Perennial mid-tablers Fulham are at something of a crossroads. After finishing 12th last season, their joint-worst position since the 2007-08 season, an ageing squad is in the process of being rapidly dismantled. Veterans like Mark Schwarzer, Giorgos Karagounis and Simon Davies are all out of the Craven Cottage door and off the Fulham wage bill, and eight other playing staff of various ages followed them. Now Fulham must rebuild, and the early signs are encouraging. Dutch ‘keeper Maarten Stekelenburg is Schwarzer’s replacement, with centre-back Fernando Amorebieta, free agent Derek Boateng and loan-to-permanent signing Sascha Riether rounding out the short list of players Fulham have acquired so far. I take a look at how they could shape up, and consider what Fulham need in order to compete next year.
Maarten Stekelenburg was set for big things at Roma. Fresh from a world cup in which he conceded only four goals on the way to the final and in his prime at 28 years old, he was snapped up by the Italian club for just over five million pounds. Roma fans, who for a long time now having been treated to such goalkeeping titans as, er, Bogdan Lobont, Doni and Gianluca Curci, greeted his arrival with enthusiasm.
Unfortunately, things fell apart. The Dutchman’s first season was blighted by his own bad form, a haphazard defence, and two red cards. In his second season his form worsened and injury struck, allowing promising young Basque Mauro Goicoechea to challenge him for his first-team spot.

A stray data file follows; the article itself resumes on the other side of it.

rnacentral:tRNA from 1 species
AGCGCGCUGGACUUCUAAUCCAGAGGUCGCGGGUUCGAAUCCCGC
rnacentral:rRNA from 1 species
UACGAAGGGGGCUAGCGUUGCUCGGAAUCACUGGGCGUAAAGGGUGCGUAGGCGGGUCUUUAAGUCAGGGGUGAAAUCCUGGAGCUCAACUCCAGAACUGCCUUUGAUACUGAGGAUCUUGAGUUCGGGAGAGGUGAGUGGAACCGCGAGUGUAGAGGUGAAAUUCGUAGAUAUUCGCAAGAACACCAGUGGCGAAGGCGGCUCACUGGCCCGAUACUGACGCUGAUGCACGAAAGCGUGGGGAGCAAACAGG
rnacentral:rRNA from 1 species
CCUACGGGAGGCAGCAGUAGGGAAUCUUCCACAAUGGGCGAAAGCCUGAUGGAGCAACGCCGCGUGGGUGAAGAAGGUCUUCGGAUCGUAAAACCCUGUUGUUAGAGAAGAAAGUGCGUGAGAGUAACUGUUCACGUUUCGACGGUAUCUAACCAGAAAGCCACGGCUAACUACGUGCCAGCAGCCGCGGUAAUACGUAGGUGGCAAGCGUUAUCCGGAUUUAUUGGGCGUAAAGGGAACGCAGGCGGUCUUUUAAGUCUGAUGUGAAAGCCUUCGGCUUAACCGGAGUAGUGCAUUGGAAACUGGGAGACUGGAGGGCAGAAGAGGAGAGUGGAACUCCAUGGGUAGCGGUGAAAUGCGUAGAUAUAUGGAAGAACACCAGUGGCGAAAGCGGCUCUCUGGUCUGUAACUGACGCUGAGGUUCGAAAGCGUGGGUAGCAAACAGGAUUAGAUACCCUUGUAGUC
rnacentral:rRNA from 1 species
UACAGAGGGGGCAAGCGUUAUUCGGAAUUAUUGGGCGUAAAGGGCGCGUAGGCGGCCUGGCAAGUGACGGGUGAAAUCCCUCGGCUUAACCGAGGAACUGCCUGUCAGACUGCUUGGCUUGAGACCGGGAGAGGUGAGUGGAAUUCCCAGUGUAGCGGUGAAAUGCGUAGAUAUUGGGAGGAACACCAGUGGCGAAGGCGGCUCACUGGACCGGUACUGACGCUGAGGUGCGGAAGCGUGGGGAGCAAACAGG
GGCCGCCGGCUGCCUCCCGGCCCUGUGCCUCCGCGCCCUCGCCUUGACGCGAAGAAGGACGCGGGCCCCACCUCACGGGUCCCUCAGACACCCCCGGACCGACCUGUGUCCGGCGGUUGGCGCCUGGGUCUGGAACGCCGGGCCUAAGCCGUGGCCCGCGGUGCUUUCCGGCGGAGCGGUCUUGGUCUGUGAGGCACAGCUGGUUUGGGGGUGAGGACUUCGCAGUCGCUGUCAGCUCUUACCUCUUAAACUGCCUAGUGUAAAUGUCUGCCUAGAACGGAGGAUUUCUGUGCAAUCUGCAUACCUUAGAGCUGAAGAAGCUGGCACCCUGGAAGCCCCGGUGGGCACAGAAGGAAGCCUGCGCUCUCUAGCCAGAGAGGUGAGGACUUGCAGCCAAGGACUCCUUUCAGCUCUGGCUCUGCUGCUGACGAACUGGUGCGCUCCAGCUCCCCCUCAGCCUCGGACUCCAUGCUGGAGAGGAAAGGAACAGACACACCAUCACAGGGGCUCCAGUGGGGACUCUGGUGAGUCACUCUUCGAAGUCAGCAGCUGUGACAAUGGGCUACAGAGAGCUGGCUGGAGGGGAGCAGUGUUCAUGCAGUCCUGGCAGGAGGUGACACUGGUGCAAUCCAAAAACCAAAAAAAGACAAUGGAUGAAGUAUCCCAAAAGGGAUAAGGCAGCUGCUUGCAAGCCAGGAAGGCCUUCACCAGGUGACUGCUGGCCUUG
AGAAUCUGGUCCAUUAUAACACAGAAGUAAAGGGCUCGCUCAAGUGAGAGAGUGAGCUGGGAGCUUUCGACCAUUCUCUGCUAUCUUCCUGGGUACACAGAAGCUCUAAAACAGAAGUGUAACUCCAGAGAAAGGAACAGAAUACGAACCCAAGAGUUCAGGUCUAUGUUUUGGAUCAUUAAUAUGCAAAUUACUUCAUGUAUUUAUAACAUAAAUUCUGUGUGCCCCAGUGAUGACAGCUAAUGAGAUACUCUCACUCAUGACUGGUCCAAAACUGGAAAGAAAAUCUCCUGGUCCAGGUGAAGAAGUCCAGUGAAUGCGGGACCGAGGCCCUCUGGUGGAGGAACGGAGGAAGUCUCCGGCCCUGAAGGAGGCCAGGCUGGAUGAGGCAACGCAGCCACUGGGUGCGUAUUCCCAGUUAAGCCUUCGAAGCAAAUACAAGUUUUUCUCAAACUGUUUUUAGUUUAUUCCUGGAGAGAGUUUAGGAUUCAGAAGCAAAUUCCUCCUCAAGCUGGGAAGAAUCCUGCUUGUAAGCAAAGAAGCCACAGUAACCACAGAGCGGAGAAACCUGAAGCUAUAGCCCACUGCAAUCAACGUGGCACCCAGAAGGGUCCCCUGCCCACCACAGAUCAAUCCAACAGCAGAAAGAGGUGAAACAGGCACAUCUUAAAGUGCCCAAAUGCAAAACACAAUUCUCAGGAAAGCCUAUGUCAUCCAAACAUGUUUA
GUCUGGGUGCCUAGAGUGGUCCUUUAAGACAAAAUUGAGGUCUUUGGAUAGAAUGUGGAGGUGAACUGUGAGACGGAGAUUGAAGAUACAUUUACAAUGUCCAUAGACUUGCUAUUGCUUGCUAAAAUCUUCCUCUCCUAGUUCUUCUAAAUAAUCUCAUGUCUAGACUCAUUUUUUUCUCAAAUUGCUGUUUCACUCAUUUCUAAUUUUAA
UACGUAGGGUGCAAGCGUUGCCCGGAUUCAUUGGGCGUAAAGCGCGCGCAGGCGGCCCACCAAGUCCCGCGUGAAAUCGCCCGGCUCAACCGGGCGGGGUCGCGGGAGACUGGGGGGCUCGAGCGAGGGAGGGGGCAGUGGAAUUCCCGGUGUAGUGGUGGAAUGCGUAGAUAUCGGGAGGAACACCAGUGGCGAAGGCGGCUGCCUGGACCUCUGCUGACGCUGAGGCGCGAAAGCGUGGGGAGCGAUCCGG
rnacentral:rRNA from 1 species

In comparison to outgoing ‘keeper Schwarzer, this shows. Last year, Stekelenburg made fewer appearances – and, unsurprisingly, fewer clean sheets as a result – and fewer average saves per game and per goal. In other words, Roma’s defence allowed fewer shots that required saving past them, yet Stekelenburg still produced fewer saves per goal. His average claim success % is marginally worse than Schwarzer too, though 92% is nothing to be sniffed at. Interestingly, he does beat out the Aussie in terms of distribution success quite soundly, and his shorter distribution length gives us an indication of the different styles of football the two sides played. Roma, under the enigmatic Zdanek Zeman (though he was later replaced by his assistant Andrea Andreazzoli), favoured a high-tempo, attacking 4-3-3- that Stekelenburg contributed to by distributing the ball quickly and over short distances to his defence, who would then launch counterattacks. Schwarzer, by comparison, had both a comparatively slow tempo Fulham side and the tall Dimitar Berbatov and Mladen Petric as targets to kick to.
Boateng, a combative all-round midfielder, has been being chased by Martin Jol for a while now, but it was only when his Dnipro contract expired that Jol finally got his man. With Fulham exceptionally thin in the deep midfield area, Boateng’s signing will strengthen Fulham through default. Now at his peak at 30 years of age, the experience and intelligence Boateng will bring to Fulham will be appreciated, but his style of hard-running, box-to-box play might be a bit too similar to new midfield partner Steve Sidwell’s play to hugely benefit Fulham. Still, he’s able to fill a number of different roles, and should Jol dip back into the transfer market to pick up a more technical player to give a bit of contrast Boateng would be a useful choice as backup or off the bench.